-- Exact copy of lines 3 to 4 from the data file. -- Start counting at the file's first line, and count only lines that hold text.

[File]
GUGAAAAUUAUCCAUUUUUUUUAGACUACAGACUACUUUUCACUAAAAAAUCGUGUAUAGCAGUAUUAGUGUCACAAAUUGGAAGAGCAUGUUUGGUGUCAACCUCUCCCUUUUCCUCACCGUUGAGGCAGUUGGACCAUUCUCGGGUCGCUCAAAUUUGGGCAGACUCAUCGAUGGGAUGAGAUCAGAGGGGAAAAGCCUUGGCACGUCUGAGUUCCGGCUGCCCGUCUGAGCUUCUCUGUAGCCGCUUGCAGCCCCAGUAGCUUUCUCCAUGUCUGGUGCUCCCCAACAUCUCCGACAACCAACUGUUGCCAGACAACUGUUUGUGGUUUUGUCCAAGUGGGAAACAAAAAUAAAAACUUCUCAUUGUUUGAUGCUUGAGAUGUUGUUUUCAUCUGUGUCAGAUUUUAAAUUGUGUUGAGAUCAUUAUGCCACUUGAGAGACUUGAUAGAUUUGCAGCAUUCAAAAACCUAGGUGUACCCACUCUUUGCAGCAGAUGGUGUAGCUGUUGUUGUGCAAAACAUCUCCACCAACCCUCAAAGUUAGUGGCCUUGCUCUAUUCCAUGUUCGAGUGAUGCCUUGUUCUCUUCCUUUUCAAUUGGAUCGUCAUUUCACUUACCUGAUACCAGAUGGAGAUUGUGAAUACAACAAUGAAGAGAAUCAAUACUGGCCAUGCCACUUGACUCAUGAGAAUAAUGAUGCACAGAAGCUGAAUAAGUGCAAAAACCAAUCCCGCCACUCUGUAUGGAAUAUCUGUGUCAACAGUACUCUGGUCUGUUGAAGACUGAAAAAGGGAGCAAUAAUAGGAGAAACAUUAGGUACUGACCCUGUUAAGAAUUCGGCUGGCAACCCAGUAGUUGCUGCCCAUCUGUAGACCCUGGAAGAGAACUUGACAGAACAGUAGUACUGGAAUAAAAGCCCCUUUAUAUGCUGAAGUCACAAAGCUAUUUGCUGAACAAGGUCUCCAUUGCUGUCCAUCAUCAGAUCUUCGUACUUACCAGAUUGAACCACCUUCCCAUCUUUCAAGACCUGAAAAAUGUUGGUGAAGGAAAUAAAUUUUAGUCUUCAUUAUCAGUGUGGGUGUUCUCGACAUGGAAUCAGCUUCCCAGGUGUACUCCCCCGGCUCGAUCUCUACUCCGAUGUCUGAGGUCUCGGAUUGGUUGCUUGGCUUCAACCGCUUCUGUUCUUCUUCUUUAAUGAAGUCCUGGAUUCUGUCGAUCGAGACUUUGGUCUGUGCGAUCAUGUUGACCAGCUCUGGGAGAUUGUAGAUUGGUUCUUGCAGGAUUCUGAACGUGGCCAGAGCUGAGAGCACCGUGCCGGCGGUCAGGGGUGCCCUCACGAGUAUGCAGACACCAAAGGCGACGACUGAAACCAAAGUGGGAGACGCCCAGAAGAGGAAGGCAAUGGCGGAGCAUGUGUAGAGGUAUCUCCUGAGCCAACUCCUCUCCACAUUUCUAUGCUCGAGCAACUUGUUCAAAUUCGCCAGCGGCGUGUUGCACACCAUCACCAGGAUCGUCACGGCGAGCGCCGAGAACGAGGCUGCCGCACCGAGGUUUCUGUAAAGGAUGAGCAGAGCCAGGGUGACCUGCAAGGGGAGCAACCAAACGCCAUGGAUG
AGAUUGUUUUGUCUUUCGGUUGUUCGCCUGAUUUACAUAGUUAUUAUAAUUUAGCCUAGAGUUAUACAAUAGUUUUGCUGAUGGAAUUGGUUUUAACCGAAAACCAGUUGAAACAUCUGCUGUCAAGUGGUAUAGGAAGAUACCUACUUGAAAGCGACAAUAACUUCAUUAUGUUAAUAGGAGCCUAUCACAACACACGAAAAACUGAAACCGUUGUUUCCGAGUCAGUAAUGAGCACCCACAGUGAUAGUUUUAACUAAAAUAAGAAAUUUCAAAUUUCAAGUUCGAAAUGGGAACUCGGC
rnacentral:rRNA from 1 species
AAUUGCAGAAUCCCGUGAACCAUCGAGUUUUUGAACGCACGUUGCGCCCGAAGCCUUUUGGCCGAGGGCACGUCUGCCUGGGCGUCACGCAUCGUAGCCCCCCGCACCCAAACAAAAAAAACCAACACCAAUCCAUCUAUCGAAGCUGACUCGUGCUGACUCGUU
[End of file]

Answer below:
rnacentral:rRNA from 1 species
AAUUGCAGAAUCCCGUGAACCAUCGAGUUUUUGAACGCACGUUGCGCCCGAAGCCUUUUGGCCGAGGGCACGUCUGCCUGGGCGUCACGCAUCGUAGCCCCCCGCACCCAAACAAAAAAAACCAACACCAAUCCAUCUAUCGAAGCUGACUCGUGCUGACUCGUU